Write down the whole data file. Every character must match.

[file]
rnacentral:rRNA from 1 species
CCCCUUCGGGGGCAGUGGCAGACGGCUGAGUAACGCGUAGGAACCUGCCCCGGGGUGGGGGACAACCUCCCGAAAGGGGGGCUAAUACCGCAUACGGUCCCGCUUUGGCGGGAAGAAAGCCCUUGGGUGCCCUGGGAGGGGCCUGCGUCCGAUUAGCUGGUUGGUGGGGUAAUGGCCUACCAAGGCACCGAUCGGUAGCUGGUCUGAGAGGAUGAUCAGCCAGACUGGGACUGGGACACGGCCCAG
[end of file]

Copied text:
rnacentral:rRNA from 1 species
CCCCUUCGGGGGCAGUGGCAGACGGCUGAGUAACGCGUAGGAACCUGCCCCGGGGUGGGGGACAACCUCCCGAAAGGGGGGCUAAUACCGCAUACGGUCCCGCUUUGGCGGGAAGAAAGCCCUUGGGUGCCCUGGGAGGGGCCUGCGUCCGAUUAGCUGGUUGGUGGGGUAAUGGCCUACCAAGGCACCGAUCGGUAGCUGGUCUGAGAGGAUGAUCAGCCAGACUGGGACUGGGACACGGCCCAG